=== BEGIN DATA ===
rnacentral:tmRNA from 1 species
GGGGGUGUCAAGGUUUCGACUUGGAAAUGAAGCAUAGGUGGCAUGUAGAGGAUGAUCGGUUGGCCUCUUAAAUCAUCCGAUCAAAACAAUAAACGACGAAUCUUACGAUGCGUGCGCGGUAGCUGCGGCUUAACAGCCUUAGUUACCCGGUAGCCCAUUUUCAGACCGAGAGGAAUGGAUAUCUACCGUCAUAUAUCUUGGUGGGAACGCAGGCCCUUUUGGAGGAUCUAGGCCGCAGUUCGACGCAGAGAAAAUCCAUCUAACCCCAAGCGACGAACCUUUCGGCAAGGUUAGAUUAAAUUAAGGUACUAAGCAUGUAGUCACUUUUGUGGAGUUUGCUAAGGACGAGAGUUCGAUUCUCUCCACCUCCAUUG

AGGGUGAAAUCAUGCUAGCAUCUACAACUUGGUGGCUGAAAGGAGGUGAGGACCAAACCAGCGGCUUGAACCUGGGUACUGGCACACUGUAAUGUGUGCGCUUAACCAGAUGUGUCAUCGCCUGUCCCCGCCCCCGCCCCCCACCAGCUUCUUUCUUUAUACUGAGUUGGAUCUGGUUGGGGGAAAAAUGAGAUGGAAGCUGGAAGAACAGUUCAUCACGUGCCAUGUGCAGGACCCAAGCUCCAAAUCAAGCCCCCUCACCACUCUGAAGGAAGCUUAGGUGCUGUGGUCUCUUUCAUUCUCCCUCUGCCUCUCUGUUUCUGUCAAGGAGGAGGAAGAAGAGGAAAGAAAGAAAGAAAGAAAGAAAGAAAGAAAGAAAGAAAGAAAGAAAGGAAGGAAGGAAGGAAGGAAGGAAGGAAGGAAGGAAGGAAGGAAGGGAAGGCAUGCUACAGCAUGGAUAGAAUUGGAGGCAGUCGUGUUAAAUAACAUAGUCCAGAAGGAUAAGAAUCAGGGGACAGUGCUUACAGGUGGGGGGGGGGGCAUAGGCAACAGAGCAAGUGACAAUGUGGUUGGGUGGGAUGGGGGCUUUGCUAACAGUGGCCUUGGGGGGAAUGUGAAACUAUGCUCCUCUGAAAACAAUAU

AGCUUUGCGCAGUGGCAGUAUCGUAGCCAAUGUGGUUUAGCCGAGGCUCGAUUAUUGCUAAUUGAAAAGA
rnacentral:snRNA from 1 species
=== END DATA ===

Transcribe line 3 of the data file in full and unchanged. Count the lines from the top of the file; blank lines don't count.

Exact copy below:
AGGGUGAAAUCAUGCUAGCAUCUACAACUUGGUGGCUGAAAGGAGGUGAGGACCAAACCAGCGGCUUGAACCUGGGUACUGGCACACUGUAAUGUGUGCGCUUAACCAGAUGUGUCAUCGCCUGUCCCCGCCCCCGCCCCCCACCAGCUUCUUUCUUUAUACUGAGUUGGAUCUGGUUGGGGGAAAAAUGAGAUGGAAGCUGGAAGAACAGUUCAUCACGUGCCAUGUGCAGGACCCAAGCUCCAAAUCAAGCCCCCUCACCACUCUGAAGGAAGCUUAGGUGCUGUGGUCUCUUUCAUUCUCCCUCUGCCUCUCUGUUUCUGUCAAGGAGGAGGAAGAAGAGGAAAGAAAGAAAGAAAGAAAGAAAGAAAGAAAGAAAGAAAGAAAGAAAGGAAGGAAGGAAGGAAGGAAGGAAGGAAGGAAGGAAGGAAGGAAGGGAAGGCAUGCUACAGCAUGGAUAGAAUUGGAGGCAGUCGUGUUAAAUAACAUAGUCCAGAAGGAUAAGAAUCAGGGGACAGUGCUUACAGGUGGGGGGGGGGGCAUAGGCAACAGAGCAAGUGACAAUGUGGUUGGGUGGGAUGGGGGCUUUGCUAACAGUGGCCUUGGGGGGAAUGUGAAACUAUGCUCCUCUGAAAACAAUAU